The Montana Watershed Coordination Council is seeking photos for our 2021 State of the Watersheds Report (check out our 2019 report here), and we thought this would be a great opportunity for us to share some of your best photos from around the Treasure State.
We welcome you to submit your most scenic shots of Montana’s outdoors, as well as the people who work to maintain our land and water resources.
Starting October 1st, we’ll share your photos on the MWCC Facebook page for your peers, colleagues, friends, and neighbors to vote on their favorite images. We’ll then display the top photos in a slideshow as part of the Summit to Stream 2020 conference. Additionally, MWCC will select some photos to include in our 2021 State of the Watersheds Report being released this winter.
What are we looking for? We’re inviting you to submit photos that capture all of Montana’s treasured landscapes and conservation activities (e.g., agricultural operations, outdoor recreation, rivers and lakes, rangelands, wetlands, and conservation/restoration implementation). Furthermore, we’re
particularly interested in photos that feature drought and water management activities, community development and land use, and forest management and wildfire.
What will you receive? By submitting photos, you have the opportunity for your images to be selected in the 2021 State of the Watersheds Report, with your name credited as the photographer. Additionally, top ranked photos will appear in a virtual slideshow the morning of October 16th before the final day of the Summit to Stream conference.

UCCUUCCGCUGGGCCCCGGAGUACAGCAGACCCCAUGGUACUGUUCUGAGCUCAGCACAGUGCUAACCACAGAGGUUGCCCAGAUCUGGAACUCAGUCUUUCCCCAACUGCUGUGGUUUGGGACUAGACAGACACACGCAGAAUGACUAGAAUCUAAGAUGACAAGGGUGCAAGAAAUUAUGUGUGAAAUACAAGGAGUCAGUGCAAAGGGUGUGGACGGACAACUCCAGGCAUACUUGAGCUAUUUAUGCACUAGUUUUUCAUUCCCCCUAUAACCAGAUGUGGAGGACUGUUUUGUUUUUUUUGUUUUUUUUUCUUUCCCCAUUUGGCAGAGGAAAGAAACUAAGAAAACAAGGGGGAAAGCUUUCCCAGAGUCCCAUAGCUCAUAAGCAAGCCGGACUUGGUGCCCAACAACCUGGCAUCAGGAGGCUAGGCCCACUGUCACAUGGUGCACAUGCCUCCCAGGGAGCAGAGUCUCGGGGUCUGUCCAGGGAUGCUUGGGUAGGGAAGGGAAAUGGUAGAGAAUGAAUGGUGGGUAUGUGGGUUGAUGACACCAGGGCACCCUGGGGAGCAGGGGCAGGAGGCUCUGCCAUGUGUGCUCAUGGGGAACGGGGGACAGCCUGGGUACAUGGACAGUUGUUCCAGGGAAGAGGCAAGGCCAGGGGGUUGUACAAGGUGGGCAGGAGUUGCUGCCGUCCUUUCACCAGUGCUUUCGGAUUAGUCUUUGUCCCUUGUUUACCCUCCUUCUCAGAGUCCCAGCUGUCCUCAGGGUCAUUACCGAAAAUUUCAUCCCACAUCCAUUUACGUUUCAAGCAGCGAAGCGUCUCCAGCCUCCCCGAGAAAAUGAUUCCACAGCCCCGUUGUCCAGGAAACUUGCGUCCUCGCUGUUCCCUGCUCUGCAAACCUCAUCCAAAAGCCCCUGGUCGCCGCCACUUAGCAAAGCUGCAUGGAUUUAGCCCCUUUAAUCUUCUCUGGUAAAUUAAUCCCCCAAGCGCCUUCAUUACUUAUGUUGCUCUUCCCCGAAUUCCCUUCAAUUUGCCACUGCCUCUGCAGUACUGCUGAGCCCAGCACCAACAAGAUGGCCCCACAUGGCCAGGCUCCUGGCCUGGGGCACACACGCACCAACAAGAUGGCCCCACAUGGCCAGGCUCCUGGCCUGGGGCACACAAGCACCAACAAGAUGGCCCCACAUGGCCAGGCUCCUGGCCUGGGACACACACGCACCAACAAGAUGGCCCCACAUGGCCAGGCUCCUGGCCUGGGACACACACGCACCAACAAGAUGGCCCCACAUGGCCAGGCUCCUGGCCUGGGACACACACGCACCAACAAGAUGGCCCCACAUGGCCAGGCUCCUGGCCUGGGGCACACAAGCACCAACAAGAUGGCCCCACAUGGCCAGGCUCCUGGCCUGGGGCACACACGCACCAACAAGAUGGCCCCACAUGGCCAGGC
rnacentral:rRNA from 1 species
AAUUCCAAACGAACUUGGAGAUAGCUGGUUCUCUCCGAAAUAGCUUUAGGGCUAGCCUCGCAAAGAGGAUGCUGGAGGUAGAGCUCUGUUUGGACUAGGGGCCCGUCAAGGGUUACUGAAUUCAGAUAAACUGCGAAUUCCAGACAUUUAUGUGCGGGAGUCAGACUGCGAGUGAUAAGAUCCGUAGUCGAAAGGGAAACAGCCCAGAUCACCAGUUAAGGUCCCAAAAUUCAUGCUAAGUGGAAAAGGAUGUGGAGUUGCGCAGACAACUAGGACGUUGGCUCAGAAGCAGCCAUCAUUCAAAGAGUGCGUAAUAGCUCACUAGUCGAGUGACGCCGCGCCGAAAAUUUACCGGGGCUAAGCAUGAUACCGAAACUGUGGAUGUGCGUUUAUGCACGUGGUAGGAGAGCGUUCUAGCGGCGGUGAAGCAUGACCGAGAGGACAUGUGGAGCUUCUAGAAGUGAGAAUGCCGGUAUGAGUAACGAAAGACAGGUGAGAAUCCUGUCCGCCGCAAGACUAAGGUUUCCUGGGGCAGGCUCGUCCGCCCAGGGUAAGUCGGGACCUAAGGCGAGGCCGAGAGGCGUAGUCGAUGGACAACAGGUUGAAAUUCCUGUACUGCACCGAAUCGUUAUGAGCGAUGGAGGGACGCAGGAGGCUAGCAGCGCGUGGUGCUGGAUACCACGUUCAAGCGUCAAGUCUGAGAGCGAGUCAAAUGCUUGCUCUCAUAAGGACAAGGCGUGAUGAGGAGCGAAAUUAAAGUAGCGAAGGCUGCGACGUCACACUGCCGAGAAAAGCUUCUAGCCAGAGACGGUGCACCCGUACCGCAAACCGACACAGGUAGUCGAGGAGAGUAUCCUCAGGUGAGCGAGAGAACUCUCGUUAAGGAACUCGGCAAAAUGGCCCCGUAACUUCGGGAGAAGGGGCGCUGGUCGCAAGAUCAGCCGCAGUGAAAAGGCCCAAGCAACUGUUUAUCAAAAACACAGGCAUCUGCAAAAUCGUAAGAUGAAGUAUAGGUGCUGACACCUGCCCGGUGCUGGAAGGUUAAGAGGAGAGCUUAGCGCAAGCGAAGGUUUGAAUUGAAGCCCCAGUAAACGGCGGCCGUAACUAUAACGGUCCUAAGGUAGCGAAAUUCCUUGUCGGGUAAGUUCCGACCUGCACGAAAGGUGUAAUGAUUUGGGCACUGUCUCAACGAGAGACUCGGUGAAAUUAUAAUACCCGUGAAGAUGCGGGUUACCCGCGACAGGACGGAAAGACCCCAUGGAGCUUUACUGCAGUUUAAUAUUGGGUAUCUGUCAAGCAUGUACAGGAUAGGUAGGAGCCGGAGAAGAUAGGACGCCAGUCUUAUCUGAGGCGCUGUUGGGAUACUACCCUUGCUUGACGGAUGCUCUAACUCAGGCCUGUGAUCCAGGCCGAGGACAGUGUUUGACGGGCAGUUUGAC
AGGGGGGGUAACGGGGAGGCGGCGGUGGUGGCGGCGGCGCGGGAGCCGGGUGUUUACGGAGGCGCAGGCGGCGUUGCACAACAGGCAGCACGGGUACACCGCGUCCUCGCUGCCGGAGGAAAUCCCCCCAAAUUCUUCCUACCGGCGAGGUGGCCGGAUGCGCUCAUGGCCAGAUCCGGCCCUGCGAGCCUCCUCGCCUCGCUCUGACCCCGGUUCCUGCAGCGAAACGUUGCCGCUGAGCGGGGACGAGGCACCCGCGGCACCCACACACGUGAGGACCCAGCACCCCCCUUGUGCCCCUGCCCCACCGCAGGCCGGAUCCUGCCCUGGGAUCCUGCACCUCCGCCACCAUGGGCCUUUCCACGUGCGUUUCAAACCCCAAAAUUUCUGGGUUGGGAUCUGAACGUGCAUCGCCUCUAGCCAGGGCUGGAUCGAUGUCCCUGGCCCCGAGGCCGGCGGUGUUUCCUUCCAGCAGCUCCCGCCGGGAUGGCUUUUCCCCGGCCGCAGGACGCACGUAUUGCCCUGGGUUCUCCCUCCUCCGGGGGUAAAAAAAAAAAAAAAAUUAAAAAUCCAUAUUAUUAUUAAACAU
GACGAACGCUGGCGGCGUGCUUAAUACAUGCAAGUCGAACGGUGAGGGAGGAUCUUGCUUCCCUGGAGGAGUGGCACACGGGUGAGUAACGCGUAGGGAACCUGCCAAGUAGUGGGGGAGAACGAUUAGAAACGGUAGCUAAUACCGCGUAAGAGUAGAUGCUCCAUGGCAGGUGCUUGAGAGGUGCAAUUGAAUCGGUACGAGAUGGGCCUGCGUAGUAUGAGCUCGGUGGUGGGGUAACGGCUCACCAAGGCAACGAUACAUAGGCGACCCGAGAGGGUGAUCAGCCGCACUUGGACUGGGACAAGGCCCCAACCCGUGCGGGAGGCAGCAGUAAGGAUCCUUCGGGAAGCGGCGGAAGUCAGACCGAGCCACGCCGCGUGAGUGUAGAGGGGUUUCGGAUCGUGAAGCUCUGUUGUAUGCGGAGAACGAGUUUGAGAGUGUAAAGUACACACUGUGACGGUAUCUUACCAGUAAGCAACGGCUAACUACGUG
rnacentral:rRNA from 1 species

Hold Back the Snowpack
One of our new MWCC Water Committee members, Valerie Kurth has written an interesting and timely piece on how to "promote nature's intrinsic ability to store water." Valerie highlights the different approaches to water storage, including costs and benefits, in her blog 'Storing Water Naturally in Montana.'
For an example of natural water storage, check out the Big Hole Watershed Committee's new 'Hold Back the Snow Pack' video.
The Cart before the Horse-NRCS Series
The Natural Resources Conservation Service (NRCS) provides farmers and ranchers with technical and financial assistance to begin and maintain conservation efforts on their property. To assess these efforts and to help landowners prepare their applications for assistance, NRCS recently developed the Conservation Assessment Ranking Tool (CART). To find out how this new tool works, join NRCS staff for a three-part webinar series that will provide an overview of CART, an example of an application, and a deeper look into the science behind the tool. The series, sponsored by NRCS and the National Center for Appropriate Technology (NCAT) and its ATTRA Sustainable Agriculture Program, begins on Thursday, September 17th. More information and links to registration for all three parts can be found here.
Michael grew up in central Ohio and attended Harvard University for his BA in Philosophy and PhD in Public Policy. He served in the Peace Corps in Nepal. His professional career included work on long-term environmental and educational programs in Pakistan, Nepal, the Philippines, Russia, and Macedonia. In the US, Michael worked for Room to Read and Mercy Corps, non-profit organizations that strive to improve education and living conditions in the developing world. The purchase of a lakeside summer cabin in Bigfork in 2005 has since evolved into full-time Rocky Mountain living. Michael became Swan Lakers President in July 2020; one of his goals is to expand the number of young people who are actively involved in the organization, using social media to help achieve this objective. Michael enjoys working with numbers; he coined the word “numbulary” to describe our number-vocabularies, the numbers that we know and use in everyday life.